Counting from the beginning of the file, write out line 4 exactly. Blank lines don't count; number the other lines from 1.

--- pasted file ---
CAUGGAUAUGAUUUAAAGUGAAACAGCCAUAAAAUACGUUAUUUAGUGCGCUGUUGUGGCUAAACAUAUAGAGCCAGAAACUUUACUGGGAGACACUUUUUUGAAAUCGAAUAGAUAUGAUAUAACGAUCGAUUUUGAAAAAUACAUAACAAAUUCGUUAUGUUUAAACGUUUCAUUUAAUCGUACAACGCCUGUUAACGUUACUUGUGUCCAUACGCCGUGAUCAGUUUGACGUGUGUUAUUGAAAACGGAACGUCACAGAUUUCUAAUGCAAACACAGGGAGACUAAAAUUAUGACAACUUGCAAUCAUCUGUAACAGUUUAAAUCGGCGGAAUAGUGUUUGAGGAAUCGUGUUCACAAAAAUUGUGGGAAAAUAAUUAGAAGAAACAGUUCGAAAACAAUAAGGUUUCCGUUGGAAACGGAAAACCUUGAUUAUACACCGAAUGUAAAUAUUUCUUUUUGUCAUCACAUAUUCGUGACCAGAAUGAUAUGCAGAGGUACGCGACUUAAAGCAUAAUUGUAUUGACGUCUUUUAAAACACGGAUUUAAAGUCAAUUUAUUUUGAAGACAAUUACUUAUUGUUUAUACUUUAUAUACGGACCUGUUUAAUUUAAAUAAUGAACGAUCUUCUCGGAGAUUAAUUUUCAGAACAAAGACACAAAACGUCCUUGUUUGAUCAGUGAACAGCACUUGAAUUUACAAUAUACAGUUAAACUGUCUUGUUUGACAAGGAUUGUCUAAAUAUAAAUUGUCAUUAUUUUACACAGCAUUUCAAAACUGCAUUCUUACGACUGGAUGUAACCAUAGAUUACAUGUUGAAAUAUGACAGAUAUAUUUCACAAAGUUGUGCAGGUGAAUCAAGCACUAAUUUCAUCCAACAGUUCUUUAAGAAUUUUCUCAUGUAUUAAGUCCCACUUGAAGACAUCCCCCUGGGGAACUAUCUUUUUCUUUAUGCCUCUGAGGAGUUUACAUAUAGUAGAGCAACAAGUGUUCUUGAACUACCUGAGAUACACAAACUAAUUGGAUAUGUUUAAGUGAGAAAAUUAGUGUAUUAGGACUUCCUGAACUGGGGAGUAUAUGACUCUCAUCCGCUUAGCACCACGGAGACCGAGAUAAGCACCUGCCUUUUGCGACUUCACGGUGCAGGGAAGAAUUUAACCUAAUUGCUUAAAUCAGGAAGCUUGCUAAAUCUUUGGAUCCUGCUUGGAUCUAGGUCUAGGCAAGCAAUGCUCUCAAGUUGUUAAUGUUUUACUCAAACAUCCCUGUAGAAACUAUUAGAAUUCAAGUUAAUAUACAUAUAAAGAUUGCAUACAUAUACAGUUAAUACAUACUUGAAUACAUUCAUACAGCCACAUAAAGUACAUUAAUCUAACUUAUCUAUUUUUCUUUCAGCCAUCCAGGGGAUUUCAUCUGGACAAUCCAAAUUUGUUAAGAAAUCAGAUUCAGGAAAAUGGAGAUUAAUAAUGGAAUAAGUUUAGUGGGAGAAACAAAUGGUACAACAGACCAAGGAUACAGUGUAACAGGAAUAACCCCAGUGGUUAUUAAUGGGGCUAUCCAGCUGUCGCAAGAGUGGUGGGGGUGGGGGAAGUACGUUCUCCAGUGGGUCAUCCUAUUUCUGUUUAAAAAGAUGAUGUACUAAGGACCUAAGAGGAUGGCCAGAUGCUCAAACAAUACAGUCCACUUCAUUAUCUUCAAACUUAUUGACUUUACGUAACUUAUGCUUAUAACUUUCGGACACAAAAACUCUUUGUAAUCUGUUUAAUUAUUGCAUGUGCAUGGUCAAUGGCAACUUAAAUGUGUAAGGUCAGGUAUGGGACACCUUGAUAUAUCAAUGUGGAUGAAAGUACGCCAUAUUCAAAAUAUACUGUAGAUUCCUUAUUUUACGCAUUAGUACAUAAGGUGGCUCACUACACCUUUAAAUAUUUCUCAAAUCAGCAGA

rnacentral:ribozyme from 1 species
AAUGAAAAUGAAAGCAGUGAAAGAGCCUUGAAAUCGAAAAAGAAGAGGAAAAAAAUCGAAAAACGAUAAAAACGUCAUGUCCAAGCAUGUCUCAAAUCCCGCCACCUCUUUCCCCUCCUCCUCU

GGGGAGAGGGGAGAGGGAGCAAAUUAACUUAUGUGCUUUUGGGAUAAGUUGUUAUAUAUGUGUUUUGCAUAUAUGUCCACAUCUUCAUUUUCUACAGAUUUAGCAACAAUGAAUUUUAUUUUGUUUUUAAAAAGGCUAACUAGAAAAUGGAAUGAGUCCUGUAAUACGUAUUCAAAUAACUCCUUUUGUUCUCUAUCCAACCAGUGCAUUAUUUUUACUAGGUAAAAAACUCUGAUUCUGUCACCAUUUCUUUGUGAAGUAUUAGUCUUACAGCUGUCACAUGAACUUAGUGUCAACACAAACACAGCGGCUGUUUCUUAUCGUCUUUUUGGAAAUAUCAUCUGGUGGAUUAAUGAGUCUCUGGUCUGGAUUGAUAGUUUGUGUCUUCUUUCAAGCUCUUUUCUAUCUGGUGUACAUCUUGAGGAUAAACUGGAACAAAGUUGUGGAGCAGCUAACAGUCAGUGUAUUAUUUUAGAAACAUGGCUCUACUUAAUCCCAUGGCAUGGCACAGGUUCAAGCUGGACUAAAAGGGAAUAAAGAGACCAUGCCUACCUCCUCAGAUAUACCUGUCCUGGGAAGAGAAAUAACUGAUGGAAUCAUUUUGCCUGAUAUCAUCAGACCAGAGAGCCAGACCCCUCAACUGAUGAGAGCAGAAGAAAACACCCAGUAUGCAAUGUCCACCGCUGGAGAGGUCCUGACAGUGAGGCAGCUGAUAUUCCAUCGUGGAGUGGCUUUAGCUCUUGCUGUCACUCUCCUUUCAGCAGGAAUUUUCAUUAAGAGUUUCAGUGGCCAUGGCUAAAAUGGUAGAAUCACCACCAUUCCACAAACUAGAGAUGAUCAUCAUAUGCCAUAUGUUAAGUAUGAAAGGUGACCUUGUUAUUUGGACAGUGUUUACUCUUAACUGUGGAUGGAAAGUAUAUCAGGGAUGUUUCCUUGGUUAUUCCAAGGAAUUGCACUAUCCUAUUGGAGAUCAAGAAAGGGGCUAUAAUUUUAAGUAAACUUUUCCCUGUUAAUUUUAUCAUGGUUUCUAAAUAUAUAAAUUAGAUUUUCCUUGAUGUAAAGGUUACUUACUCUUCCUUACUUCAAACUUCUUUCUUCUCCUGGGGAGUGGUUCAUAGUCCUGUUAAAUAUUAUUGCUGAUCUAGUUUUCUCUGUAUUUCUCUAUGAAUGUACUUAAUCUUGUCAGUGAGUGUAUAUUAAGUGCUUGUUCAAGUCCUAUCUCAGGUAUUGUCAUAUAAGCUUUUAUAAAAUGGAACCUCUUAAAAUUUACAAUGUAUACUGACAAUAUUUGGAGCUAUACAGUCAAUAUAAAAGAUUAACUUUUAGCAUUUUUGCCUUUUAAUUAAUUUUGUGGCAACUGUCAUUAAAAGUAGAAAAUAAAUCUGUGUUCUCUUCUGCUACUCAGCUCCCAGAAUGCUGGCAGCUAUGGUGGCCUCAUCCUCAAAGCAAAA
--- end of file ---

GGGGAGAGGGGAGAGGGAGCAAAUUAACUUAUGUGCUUUUGGGAUAAGUUGUUAUAUAUGUGUUUUGCAUAUAUGUCCACAUCUUCAUUUUCUACAGAUUUAGCAACAAUGAAUUUUAUUUUGUUUUUAAAAAGGCUAACUAGAAAAUGGAAUGAGUCCUGUAAUACGUAUUCAAAUAACUCCUUUUGUUCUCUAUCCAACCAGUGCAUUAUUUUUACUAGGUAAAAAACUCUGAUUCUGUCACCAUUUCUUUGUGAAGUAUUAGUCUUACAGCUGUCACAUGAACUUAGUGUCAACACAAACACAGCGGCUGUUUCUUAUCGUCUUUUUGGAAAUAUCAUCUGGUGGAUUAAUGAGUCUCUGGUCUGGAUUGAUAGUUUGUGUCUUCUUUCAAGCUCUUUUCUAUCUGGUGUACAUCUUGAGGAUAAACUGGAACAAAGUUGUGGAGCAGCUAACAGUCAGUGUAUUAUUUUAGAAACAUGGCUCUACUUAAUCCCAUGGCAUGGCACAGGUUCAAGCUGGACUAAAAGGGAAUAAAGAGACCAUGCCUACCUCCUCAGAUAUACCUGUCCUGGGAAGAGAAAUAACUGAUGGAAUCAUUUUGCCUGAUAUCAUCAGACCAGAGAGCCAGACCCCUCAACUGAUGAGAGCAGAAGAAAACACCCAGUAUGCAAUGUCCACCGCUGGAGAGGUCCUGACAGUGAGGCAGCUGAUAUUCCAUCGUGGAGUGGCUUUAGCUCUUGCUGUCACUCUCCUUUCAGCAGGAAUUUUCAUUAAGAGUUUCAGUGGCCAUGGCUAAAAUGGUAGAAUCACCACCAUUCCACAAACUAGAGAUGAUCAUCAUAUGCCAUAUGUUAAGUAUGAAAGGUGACCUUGUUAUUUGGACAGUGUUUACUCUUAACUGUGGAUGGAAAGUAUAUCAGGGAUGUUUCCUUGGUUAUUCCAAGGAAUUGCACUAUCCUAUUGGAGAUCAAGAAAGGGGCUAUAAUUUUAAGUAAACUUUUCCCUGUUAAUUUUAUCAUGGUUUCUAAAUAUAUAAAUUAGAUUUUCCUUGAUGUAAAGGUUACUUACUCUUCCUUACUUCAAACUUCUUUCUUCUCCUGGGGAGUGGUUCAUAGUCCUGUUAAAUAUUAUUGCUGAUCUAGUUUUCUCUGUAUUUCUCUAUGAAUGUACUUAAUCUUGUCAGUGAGUGUAUAUUAAGUGCUUGUUCAAGUCCUAUCUCAGGUAUUGUCAUAUAAGCUUUUAUAAAAUGGAACCUCUUAAAAUUUACAAUGUAUACUGACAAUAUUUGGAGCUAUACAGUCAAUAUAAAAGAUUAACUUUUAGCAUUUUUGCCUUUUAAUUAAUUUUGUGGCAACUGUCAUUAAAAGUAGAAAAUAAAUCUGUGUUCUCUUCUGCUACUCAGCUCCCAGAAUGCUGGCAGCUAUGGUGGCCUCAUCCUCAAAGCAAAA